Cassper Nyovest’s Tsholofelo played like the scattered thoughts of an artist still figuring out what approach to music works best for their audience. It showcased his breadth as a rapper, sure, but it failed to establish him as a fully-fledged artist. However, it’s only his first effort.
When it wasn’t arguing over who the best is via a list curated by a satellite television broadcaster; engaging in c-grade social media antics; or writing open letters to radio stations, South African Hip Hop did extremely well for itself. Away from the glimmer of the mainstream, Cape Town continued to quietly nurture its own class of talent. “We had to deal with so many gatekeepers, turned down so many times by people already on the scene,” said Laneave Hansen of Rude World Records, the independent label which, besides pop sensation Jimmy Nevis, boast artists like Kita Keetz, BoolZ, and Namibia’s Black Vulcanite, acts who are giving an alternative take on the genre and expanding the rap conversation beyond the confines of eJozi (the city of Johannesburg). There’s also Andy Mkosi with her traditionalist approach and real-life raps; Miss Celaneous favours hard-edged, finger-up-your-nose-type lyrics. In one fell swoop, she lists all that is wrong with the ‘scene’ as she raps: “all I gotta say/ I am bored as fuck with the game in SA/ same old naaiers (fuckers) get the fame/” on “#Checkmeout”, a song which utilises Nipsey Hustle’s song of the same title.
Away from the mainstream, Jozi’s a hive of active movements, like the internationally-acclaimed Scrambles for Money battle rap league; innovative rap cliques like Revivolution; and mind-bendingly dope delivery a la Gigi Lamayne. Boyz ‘n’ Buck$, a crew of creative entrepreneurs with associations in music and fashion, have crafted a visual identity which resonates with their fanbase.
Okmalumkoolkat’s one of the members, alongside the likes of Riky Rick and Bubhesii — the former an artist whose debut album, Family Tree, is about to disrupt the way South African rap is set up, while the latter is a Jozi rap mainstay who’s collaborated on music with the likes of the P.O. Box Project, and recently launched a mobile boutique store with his wife. Okmalumkoolkat’s been the quiet architect for a lot of trends in South African Hip Hop. While the likes of HHP and Morafe may have been doing what’s now termed New Age Kwaito for more than a decade, it’s Dirty Paraffin (Okmalumkoolkat + Dr SpiZee) who acted as the bridge not only through introducing experimental beats favouring bass-heavy frequencies, but through their slang, and through the means through which they chose to distribute music — mostly on-line, for free, and with no strings attached.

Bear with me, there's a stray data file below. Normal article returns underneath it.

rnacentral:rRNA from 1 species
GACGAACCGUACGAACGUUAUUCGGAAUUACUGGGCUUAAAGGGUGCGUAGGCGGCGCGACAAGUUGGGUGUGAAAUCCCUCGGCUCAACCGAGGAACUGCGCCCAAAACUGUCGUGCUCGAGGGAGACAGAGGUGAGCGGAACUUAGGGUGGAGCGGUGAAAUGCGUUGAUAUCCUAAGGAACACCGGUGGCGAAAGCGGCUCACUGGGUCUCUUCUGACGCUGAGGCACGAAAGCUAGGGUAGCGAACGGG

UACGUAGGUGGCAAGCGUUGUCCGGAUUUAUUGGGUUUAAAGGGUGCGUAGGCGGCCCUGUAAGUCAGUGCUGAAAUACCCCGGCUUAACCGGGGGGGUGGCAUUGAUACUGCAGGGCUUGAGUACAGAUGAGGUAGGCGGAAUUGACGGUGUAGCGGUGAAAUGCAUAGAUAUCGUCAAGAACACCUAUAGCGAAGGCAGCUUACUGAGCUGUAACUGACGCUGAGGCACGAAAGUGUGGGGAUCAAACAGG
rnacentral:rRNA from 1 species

It’s a strategy which has worked for Cassper Nyovest. In a recent visit to Zimbabwe, he stopped by the 2 Broke Twimbos’ studio to chat about his career. Talking about his team’s music distribution strategy, Cassper said: “Our music is free and anybody can download it; you’ll never know where it’ll end up. It probably started with one kid in Zimbabwe who played it to his friend, and then it ended up spreading, [and that was] before we started playing on radio.”
Nyovest is worthy of mention for re-writing the rule book on how to make it as an artist in South Africa. He came as an independent off the bat, and retains ownership of all of his music to this day. How he achieved nationwide acclaim with two songs to his name (“Gusheshe” and “Doc Shebeleza”) is a topic all on its own. He’s nominated under five categories for the 2015 SAMA Awards to be held in two months’ time.
There’s elation in the air. South African Hip Hop is the media’s darling. Headlines such as ‘South African Hip Hop wins big at [insert desired award ceremony name here]’ are easy to come by. It’s a good time to be a part of it all — as a by-stander in the pit, shouting your lungs out word-for-word to your favourite rapper’s songs, at the expense of carrying the baggage that comes with being a rap fan.
Less discussed is the danger of having any single, “authoritative” voice on the scene. South African rap writing needs to be elevated beyond an eighty-odd-page monthly print issue which can be read in one sitting, in under an hour! There is room for more voices; alternative voices; voices of change, of discontent, of outrage!
In a scene which measures success by the amount of radio spins a song receives and values awards ceremonies — which couldn’t give two shits about hip hop were they held at gunpoint — over everything else, this vital voice is rendered mute. It’s the voice of a section of South African Hip Hop dedicated solely to dope beats, dope rhymes, having fun, and being ‘nice with it.’ This legion of heads is scattered across the country, bubbling in their locales yet never getting the ‘spark’ to make it onto the mainstream. They toil to upload songs onto the Internet; to share links on social networks; to e-mail blogs requesting for interviews. They are the foot soldiers of South African Rap. Alas, ‘keeping it real’ doesn’t pay the bills. Now also a good time to innovate; to disrupt the trend; to build pan-African institutions inspired by hip hop!